“It’s going to be uncanny how much he reminds you of Aaron Nola on the mound—his face, his body actions, even his delivery and arm slot, everything. If he has Aaron Nola’s command, then we have a scoop. He’s got really good stuff. He can throw an excess of 90 miles per hour with a curve ball and a breaking ball, a change-up. If he can corral his control, he’s not really wild. He’s just right around the zone and throws about half and half balls and strikes. If we can get that closer to 60-40 or 70-30 percentage, we are going to be in business with Cam Sanders.”
Mainieri said he was excited about watching new hitting coach Sean Ochinko working with Micah Gibbs. Gibbs is sidelined this season after a severe knee injury in a pick-up basketball game earlier this month.
“Micah is a very modern-day, hitting coach. What I mean by that is very much into the analytics, the mechanics, the statistics and those kinds of things. The fact that he can’t go out there and coach on the field, doesn’t prevent him from sitting in front of a computer and watching video, analyzing and doing those type of things that I believe are one of his strengths. I believe that Sean is geared more toward the interaction with the players from a motivational standpoint, energy and enthusiasm. He knows the game inside and out.”
“He has a great way with the kids. I think Micah is going to feed a lot of information to Sean that Sean will then decipher how much he wants to use it and apply it with the players and with the offense in general. I think it’s going to be a good combination. I just can’t emphasize enough how heartbroken I am for Micah. This was really an unfortunate thing that happened, but I am extremely excited about Sean Ochinko. I think our players have embraced him as much as I knew they would. He has an infections personality. He’s full of energy. He has that youthful enthusiasm. He just stopped playing a couple of years ago, so the players can really relate to him. They enjoy him, and I think he is going to be tremendous in his role.”
The depth chart for the infield was laid out as well.
“I’ve pretty much decided that we are going to start with Slaughter at third, Smith at short, (Brandt) Broussard at second and Bryce Jordan at first. My goal with Hal Hughes is going to be to get him into the game as often and as frequently in different roles as I possibly can. That may mean that if we have a lead late in the game, I can flip Slaughter over to first base and put Hughes at third base and put the best defensive team out there trying to hold a lead at the end. Slaughter is going to play third. He’s going to do a good job at third, and that’s probably where he’s more in tune to play even in his pro career days. He’s a much better first baseman than Bryce Jordan because he’s taller, more athletic. He can jump. He’s got infielder-type skills and those type of things.”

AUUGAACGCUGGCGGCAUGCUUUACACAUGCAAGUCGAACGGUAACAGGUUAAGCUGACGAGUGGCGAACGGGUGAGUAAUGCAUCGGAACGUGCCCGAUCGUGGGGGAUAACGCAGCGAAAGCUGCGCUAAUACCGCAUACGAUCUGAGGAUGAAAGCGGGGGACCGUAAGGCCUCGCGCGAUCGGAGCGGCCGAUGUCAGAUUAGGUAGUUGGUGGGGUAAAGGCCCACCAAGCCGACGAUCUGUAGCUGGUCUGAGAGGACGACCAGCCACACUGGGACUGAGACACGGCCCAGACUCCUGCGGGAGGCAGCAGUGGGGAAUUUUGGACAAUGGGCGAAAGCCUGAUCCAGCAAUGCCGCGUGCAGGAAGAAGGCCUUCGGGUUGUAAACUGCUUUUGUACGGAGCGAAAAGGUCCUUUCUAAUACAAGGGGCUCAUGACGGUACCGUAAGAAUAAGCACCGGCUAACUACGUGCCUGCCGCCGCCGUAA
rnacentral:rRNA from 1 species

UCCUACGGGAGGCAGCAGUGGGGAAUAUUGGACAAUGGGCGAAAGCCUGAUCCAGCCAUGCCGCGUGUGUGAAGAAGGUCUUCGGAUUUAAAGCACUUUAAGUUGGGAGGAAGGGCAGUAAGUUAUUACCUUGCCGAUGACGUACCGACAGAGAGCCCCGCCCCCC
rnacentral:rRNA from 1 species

Mainieri also took time to highlight freshman Daniel Cabrera, who he believes to go far, long after his days at LSU come to an end.
“There’s no question that his future will be at a hitter/outfielder. There’s no doubt about that. He’s an outstanding ball player. He’s got a great athletic body. He’s strong for a freshman. He runs pretty well. He throws well from the outfield. He’s got a beautiful swing. He has to get a little bit more consistent, a little bit more focus to be able to do it consistently. I think he’s really a good-looking ballplayer. I think you can put him in the category with the LeMahieus and the Bregmans and the Antoine Duplantis’ that were ready to play as a freshman when they arrived at LSU... We may have a need for the best available guy and have to bring him in, but I’m going to try on the days that I’m going to use him or have him available, he’s either going to DH or not have him in the lineup.”
Mainieri doted on his developed sophomore class, three of which are playing at an extraordinarily high level right now.
“Even though they are sophomores, I feel like they are more experienced than even that. The unfortunate thing that you could say for us is three of our sophomores are draft-eligible: Zack Hess, Zach Watson and Jake Slaughter. It’s possible that this may be their last season at LSU. We will have to see how that plays out. There’s no question that they have advanced level of experience based upon the experiences that they had last year.”
Of course, winning a national title is the primary goal for this year’s baseball team. Especially after a heartbreaking end in Omaha in 2017.
“I want to win another national championship as much as anything. It is killing me. I feel like we have had a handful of teams that were capable of winning it that didn’t. It’s a reminder to me just how hard it is to win a national championship.
And it’s easy to see Mainieri is happy with the group of guys he’s got going to bat for him.
“They are great kids. They hustle, they play fundamentally sound, they compete, they We are going to have some disappointing days and it will be part of the learning experience. But, when May and June roll around, I have a sneaking suspicion we will be right back in the hunt.”